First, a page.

corner of the mouth should be elevated on the side on which the eyebrow is down.

The eyebrows in Pain are knotted somewhat as in anger. The nose is wrinkled and the mouth is-opened. Note particularly the eyes and mouth. Such mouths as are used in the illustrations of fright and surprise would not be suitable here.

Laughter is very similar to smiling. The only difference being, the brows are higher, the eyes more closed, and the mouth opened wider. In Uproarious Laughter the nose moves upward to make room for the mouth to stretch big and wide, showing teeth, tongue, tonsils, or what you will.

Stupidity is expressed by drawing the eyes about half closed as in the illustration, and the mouth drawn down on one side. Drunkenness is expressed much the same. Especially the eyes.

In the illustration of Weeping note how the eyebrows are drawn. The eyes are partly, or entirely closed, and tears are drawn to help the expression.

Study the illustrations of Anticipation and Contentment. Note how the brows, eyes, nose, and mouth are drawn.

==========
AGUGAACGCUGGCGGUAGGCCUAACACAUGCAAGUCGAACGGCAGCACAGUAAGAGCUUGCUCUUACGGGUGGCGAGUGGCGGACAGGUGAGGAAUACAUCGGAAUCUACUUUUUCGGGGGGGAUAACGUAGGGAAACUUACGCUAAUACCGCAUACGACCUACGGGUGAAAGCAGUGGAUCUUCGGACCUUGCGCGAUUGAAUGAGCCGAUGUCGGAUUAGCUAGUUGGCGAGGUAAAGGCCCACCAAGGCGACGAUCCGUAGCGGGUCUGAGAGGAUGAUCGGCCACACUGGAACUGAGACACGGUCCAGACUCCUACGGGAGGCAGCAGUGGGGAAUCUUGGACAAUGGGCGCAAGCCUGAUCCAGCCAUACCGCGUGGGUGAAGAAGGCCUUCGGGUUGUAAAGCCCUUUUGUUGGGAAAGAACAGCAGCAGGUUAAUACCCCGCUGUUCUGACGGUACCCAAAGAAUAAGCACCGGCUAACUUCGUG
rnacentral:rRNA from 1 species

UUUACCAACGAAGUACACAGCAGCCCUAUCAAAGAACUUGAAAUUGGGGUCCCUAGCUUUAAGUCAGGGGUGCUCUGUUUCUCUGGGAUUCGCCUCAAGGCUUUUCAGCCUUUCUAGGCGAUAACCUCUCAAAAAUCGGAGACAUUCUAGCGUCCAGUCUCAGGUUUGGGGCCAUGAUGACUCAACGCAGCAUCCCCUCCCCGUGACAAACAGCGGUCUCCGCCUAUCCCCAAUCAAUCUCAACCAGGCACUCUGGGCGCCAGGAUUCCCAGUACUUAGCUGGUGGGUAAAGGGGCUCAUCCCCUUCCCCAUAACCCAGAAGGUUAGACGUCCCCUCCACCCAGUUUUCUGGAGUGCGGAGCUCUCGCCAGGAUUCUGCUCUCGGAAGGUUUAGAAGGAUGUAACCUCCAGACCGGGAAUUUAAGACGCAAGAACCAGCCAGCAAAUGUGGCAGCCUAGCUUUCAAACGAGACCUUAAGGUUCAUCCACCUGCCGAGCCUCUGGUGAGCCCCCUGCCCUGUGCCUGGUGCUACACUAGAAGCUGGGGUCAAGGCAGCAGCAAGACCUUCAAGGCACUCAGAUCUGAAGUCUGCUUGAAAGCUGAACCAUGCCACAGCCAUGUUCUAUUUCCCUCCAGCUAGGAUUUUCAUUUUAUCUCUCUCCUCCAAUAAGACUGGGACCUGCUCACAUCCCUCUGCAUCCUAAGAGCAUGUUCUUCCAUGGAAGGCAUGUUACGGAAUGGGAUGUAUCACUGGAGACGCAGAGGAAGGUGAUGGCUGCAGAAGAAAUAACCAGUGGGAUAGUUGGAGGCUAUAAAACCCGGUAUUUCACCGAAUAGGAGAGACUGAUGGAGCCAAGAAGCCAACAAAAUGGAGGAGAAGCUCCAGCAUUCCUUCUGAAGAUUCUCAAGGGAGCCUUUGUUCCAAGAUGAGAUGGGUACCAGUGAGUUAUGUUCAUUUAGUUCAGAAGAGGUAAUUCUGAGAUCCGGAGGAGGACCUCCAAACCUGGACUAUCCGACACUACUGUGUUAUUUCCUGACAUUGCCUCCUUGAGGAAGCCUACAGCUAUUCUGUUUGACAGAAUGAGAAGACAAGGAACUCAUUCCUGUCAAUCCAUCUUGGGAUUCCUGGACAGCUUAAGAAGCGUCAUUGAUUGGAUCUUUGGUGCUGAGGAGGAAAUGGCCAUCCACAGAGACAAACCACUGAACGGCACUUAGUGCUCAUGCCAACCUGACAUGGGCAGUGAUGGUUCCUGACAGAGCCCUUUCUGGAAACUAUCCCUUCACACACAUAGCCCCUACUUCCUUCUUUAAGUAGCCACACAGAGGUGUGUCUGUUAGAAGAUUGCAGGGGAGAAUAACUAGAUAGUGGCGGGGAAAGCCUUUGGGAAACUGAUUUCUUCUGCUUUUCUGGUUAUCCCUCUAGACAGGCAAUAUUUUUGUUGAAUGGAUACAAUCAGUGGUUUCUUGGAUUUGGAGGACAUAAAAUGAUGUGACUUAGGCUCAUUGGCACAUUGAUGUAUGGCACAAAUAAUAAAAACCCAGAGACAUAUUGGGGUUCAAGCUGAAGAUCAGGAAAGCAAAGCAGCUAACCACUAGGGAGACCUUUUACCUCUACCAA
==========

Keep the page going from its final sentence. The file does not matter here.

Ithough these expressions are suitable for cartoons, expressions in ozficatures are seldom exaggerated as much as the illustrations on PWte 4. They were drawn this way so that you might more easily see trow to represent these many expressions.

A very good thing for beginners is to study the expressions used in some of the better comic strips. Popeye, and Moon Mullins are especially good in this respect. Expression should be suited to action and vice versa. For example, a head and face with an expression of fright should have a body with the characteristic action of fright; that is, fingers far apart, feet off the ground, etc.

On Plate 5 are some reproductions of caricatures in various expressions and poses of s<5me rather famous men: Adolph Hitler and Admiral Coonte;. Figure 1 has a stern look obtained by representing the mouth, or really the mustache, in a straight line. In Figures 2 and 3 note that the same general principles were used as in the expressions, "Smile" and "Anger" on Plate 4. Figure 4 is a two thirds front view caricature of Hitler, smiling. Figure 5 is a profile of Hitler, angry. His nose trouble (mustache) takes on a new aspect in this drawing; that of a rather stiff brush perhaps. In Fig. 6 he has a grouch, while in Fig. 7 he is rather calm. Figures 8 and 9 are to illustrate that animals can be drawn with almost any expression. However, expression is more difficult with some animals than with others.

Chapter IV

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